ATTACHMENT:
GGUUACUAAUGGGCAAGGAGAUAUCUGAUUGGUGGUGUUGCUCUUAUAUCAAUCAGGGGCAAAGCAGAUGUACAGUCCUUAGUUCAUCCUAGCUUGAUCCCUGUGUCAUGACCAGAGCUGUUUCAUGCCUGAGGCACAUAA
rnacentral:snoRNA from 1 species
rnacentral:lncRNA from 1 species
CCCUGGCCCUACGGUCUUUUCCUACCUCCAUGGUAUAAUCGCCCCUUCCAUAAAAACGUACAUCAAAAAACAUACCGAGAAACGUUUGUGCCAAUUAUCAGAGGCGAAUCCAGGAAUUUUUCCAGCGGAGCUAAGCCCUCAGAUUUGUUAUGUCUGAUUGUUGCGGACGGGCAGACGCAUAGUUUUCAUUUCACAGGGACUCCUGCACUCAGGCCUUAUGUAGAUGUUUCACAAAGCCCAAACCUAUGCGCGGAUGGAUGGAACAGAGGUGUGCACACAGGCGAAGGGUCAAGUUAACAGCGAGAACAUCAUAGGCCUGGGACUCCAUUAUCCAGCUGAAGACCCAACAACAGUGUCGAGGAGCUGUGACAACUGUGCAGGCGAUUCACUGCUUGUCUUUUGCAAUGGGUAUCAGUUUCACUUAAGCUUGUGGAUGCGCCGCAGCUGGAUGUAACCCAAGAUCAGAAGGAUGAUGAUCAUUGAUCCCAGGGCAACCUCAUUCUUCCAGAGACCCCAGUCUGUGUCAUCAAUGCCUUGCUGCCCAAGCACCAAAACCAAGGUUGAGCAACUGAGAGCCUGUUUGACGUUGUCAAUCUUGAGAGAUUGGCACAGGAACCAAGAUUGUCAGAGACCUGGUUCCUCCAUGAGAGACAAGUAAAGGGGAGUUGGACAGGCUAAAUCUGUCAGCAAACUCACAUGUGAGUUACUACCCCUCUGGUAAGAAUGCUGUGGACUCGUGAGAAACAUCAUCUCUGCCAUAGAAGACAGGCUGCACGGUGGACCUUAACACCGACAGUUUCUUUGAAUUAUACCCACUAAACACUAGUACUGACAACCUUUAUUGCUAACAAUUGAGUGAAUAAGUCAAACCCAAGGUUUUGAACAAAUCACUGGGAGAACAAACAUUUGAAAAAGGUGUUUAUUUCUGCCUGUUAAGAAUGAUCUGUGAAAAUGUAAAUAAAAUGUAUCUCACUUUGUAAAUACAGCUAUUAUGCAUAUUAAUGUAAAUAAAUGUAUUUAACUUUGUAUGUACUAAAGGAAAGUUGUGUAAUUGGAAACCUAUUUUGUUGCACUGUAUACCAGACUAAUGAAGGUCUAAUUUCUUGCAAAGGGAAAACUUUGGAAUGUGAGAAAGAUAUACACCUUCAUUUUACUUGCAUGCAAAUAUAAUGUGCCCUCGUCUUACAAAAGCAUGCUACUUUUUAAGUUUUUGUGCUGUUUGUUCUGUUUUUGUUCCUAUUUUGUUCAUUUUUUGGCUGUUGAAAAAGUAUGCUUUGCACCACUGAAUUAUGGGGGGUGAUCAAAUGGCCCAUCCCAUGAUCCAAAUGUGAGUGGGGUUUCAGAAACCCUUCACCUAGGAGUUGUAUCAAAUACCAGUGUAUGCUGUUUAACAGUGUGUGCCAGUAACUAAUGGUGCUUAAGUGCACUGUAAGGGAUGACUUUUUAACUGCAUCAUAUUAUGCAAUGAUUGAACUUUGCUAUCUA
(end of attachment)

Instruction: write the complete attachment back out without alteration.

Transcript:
GGUUACUAAUGGGCAAGGAGAUAUCUGAUUGGUGGUGUUGCUCUUAUAUCAAUCAGGGGCAAAGCAGAUGUACAGUCCUUAGUUCAUCCUAGCUUGAUCCCUGUGUCAUGACCAGAGCUGUUUCAUGCCUGAGGCACAUAA
rnacentral:snoRNA from 1 species
rnacentral:lncRNA from 1 species
CCCUGGCCCUACGGUCUUUUCCUACCUCCAUGGUAUAAUCGCCCCUUCCAUAAAAACGUACAUCAAAAAACAUACCGAGAAACGUUUGUGCCAAUUAUCAGAGGCGAAUCCAGGAAUUUUUCCAGCGGAGCUAAGCCCUCAGAUUUGUUAUGUCUGAUUGUUGCGGACGGGCAGACGCAUAGUUUUCAUUUCACAGGGACUCCUGCACUCAGGCCUUAUGUAGAUGUUUCACAAAGCCCAAACCUAUGCGCGGAUGGAUGGAACAGAGGUGUGCACACAGGCGAAGGGUCAAGUUAACAGCGAGAACAUCAUAGGCCUGGGACUCCAUUAUCCAGCUGAAGACCCAACAACAGUGUCGAGGAGCUGUGACAACUGUGCAGGCGAUUCACUGCUUGUCUUUUGCAAUGGGUAUCAGUUUCACUUAAGCUUGUGGAUGCGCCGCAGCUGGAUGUAACCCAAGAUCAGAAGGAUGAUGAUCAUUGAUCCCAGGGCAACCUCAUUCUUCCAGAGACCCCAGUCUGUGUCAUCAAUGCCUUGCUGCCCAAGCACCAAAACCAAGGUUGAGCAACUGAGAGCCUGUUUGACGUUGUCAAUCUUGAGAGAUUGGCACAGGAACCAAGAUUGUCAGAGACCUGGUUCCUCCAUGAGAGACAAGUAAAGGGGAGUUGGACAGGCUAAAUCUGUCAGCAAACUCACAUGUGAGUUACUACCCCUCUGGUAAGAAUGCUGUGGACUCGUGAGAAACAUCAUCUCUGCCAUAGAAGACAGGCUGCACGGUGGACCUUAACACCGACAGUUUCUUUGAAUUAUACCCACUAAACACUAGUACUGACAACCUUUAUUGCUAACAAUUGAGUGAAUAAGUCAAACCCAAGGUUUUGAACAAAUCACUGGGAGAACAAACAUUUGAAAAAGGUGUUUAUUUCUGCCUGUUAAGAAUGAUCUGUGAAAAUGUAAAUAAAAUGUAUCUCACUUUGUAAAUACAGCUAUUAUGCAUAUUAAUGUAAAUAAAUGUAUUUAACUUUGUAUGUACUAAAGGAAAGUUGUGUAAUUGGAAACCUAUUUUGUUGCACUGUAUACCAGACUAAUGAAGGUCUAAUUUCUUGCAAAGGGAAAACUUUGGAAUGUGAGAAAGAUAUACACCUUCAUUUUACUUGCAUGCAAAUAUAAUGUGCCCUCGUCUUACAAAAGCAUGCUACUUUUUAAGUUUUUGUGCUGUUUGUUCUGUUUUUGUUCCUAUUUUGUUCAUUUUUUGGCUGUUGAAAAAGUAUGCUUUGCACCACUGAAUUAUGGGGGGUGAUCAAAUGGCCCAUCCCAUGAUCCAAAUGUGAGUGGGGUUUCAGAAACCCUUCACCUAGGAGUUGUAUCAAAUACCAGUGUAUGCUGUUUAACAGUGUGUGCCAGUAACUAAUGGUGCUUAAGUGCACUGUAAGGGAUGACUUUUUAACUGCAUCAUAUUAUGCAAUGAUUGAACUUUGCUAUCUA